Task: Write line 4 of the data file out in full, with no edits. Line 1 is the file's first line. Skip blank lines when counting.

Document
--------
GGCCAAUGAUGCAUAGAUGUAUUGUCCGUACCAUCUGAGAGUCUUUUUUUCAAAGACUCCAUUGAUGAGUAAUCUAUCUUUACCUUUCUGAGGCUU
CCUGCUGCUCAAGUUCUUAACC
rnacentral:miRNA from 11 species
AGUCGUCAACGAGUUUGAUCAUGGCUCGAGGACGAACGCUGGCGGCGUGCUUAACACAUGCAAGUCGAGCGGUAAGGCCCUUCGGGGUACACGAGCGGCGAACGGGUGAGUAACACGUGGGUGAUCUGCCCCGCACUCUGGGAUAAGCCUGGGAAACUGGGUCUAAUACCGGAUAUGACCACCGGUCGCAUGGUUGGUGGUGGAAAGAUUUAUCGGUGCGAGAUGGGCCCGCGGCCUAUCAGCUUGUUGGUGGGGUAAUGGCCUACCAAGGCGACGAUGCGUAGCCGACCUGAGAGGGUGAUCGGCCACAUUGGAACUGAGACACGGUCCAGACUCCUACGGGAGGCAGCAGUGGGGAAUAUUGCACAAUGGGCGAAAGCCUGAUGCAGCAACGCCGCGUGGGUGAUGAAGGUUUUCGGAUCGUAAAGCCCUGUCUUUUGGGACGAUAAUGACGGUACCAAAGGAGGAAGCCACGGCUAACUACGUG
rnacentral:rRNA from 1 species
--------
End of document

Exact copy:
AGUCGUCAACGAGUUUGAUCAUGGCUCGAGGACGAACGCUGGCGGCGUGCUUAACACAUGCAAGUCGAGCGGUAAGGCCCUUCGGGGUACACGAGCGGCGAACGGGUGAGUAACACGUGGGUGAUCUGCCCCGCACUCUGGGAUAAGCCUGGGAAACUGGGUCUAAUACCGGAUAUGACCACCGGUCGCAUGGUUGGUGGUGGAAAGAUUUAUCGGUGCGAGAUGGGCCCGCGGCCUAUCAGCUUGUUGGUGGGGUAAUGGCCUACCAAGGCGACGAUGCGUAGCCGACCUGAGAGGGUGAUCGGCCACAUUGGAACUGAGACACGGUCCAGACUCCUACGGGAGGCAGCAGUGGGGAAUAUUGCACAAUGGGCGAAAGCCUGAUGCAGCAACGCCGCGUGGGUGAUGAAGGUUUUCGGAUCGUAAAGCCCUGUCUUUUGGGACGAUAAUGACGGUACCAAAGGAGGAAGCCACGGCUAACUACGUG